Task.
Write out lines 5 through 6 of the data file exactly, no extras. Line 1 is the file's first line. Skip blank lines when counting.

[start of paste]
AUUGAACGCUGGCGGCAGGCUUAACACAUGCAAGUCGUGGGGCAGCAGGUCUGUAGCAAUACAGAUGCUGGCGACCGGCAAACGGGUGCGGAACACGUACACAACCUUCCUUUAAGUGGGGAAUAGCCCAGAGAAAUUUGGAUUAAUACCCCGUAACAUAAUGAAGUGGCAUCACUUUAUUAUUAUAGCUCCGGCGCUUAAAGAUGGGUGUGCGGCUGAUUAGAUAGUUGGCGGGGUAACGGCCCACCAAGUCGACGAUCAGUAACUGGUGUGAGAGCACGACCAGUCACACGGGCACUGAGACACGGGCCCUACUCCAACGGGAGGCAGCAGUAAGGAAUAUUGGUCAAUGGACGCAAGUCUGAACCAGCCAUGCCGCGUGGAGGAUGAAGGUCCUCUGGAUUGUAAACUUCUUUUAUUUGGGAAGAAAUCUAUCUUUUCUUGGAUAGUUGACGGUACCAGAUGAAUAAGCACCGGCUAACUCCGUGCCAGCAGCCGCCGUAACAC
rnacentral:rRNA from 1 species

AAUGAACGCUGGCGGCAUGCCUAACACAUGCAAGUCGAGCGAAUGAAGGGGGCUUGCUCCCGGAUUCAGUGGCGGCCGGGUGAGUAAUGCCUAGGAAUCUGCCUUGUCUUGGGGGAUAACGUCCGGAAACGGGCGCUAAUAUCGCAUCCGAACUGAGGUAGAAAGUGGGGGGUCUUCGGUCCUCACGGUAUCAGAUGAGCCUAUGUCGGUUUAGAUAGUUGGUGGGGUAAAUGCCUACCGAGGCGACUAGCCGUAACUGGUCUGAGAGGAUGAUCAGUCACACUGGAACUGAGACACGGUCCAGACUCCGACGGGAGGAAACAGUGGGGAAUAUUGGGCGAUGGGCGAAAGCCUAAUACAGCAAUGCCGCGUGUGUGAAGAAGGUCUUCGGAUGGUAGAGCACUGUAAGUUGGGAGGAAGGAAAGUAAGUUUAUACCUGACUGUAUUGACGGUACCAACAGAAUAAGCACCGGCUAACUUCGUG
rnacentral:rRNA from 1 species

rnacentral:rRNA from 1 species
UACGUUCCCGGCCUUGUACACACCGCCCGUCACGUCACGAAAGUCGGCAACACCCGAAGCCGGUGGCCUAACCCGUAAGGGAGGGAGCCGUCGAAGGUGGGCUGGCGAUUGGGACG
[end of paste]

rnacentral:rRNA from 1 species
UACGUUCCCGGCCUUGUACACACCGCCCGUCACGUCACGAAAGUCGGCAACACCCGAAGCCGGUGGCCUAACCCGUAAGGGAGGGAGCCGUCGAAGGUGGGCUGGCGAUUGGGACG